With only a week until moving day, the Ministry for Primary Industries (MPI) is reminding farmers to register their animals for tracing purposes.
Marking the first day of winter on June 1, moving day is when dairy farmers from Kaitaia to Bluff move their herds to new pastures for winter grazing.
It is expected about two million animals will be moved this year.
MPI spokesperson Peter Hyde said it was important all animals were registered under the National Animal Identification and Tracing (NAIT) programme.
NAIT helps MPI respond quickly in case of a serious biosecurity outbreak, like Mycoplasma bovis.
MPI estimated 91 percent of animals were already registered but there were a few areas where farmers had not complied, Hyde said.
"Nine percent not registered is still too high for traceability systems to be effective. You really need high levels of compliance so we're actively trying to get towards 100 percent," he said.
"Unfortunately, last year we took compliance action on farmers that were persisting to move around unregistered stock, we had 13 successful prosecutions and we have another eight in the court system - so we do take it seriously."
Hyde said farmers should also brush up on their animal welfare obligations.
"Ideally, your cows will be dried off and it's important that you put them on hard feed silage, baleage or hay for a good four hours before the truck arrives to bind them up.
"You may also think about supplying extra calcium and magnesium if it's going to be a long transportation time, and also very important that if you have any compromised animals that you don't transport them."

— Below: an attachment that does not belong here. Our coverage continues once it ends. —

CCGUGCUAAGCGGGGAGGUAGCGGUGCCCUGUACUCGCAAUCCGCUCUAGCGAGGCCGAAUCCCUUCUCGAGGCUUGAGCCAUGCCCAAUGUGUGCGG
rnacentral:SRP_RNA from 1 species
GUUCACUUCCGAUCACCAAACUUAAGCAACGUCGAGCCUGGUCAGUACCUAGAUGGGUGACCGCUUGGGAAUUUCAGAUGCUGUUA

Paeroa farmer Bart Van de Ven is moving 20 minutes up the road to Springdale.
Along with his wife and two daughters, they were going from being low order share-milkers to a 50-50 share-milking job.
He said it made things easier because they were not moving their herd.
"Years ago on moving day there would be cows everywhere but now there's more and more contracts where it stipulates that you buy the herd on the farm. And when you leave the property you're on, you sell the herd to the next farmer that comes in."
It had not made things less hectic for the Van de Vens who had already packed up most of their things.
"We're lucky the new boss has an empty garage that we have been able to move things into - so most of the house and plenty of the shed gear is already gone," he said.
"It's a big job, lots of trips in cars and trailers and a lot of community support, we've had friends and family coming over to give us a hand."
The family have even moved their daughters' playhouse.
Van de Ven said after three good seasons in Paeroa, he was excited to get into 50-50 share milking.
"We've done the move before so it feels pretty cruisy, it will be nice getting 50 percent of the milk cheque but in saying that we pay 50 percent of everything like cropping, feed inputs and all that sort of thing," he said.
"When we started 50-50 sharemilking about 12/13 years [ago], we went from a $7.90 to a $4.55 payout that was scary stuff, so this time around things should be easier."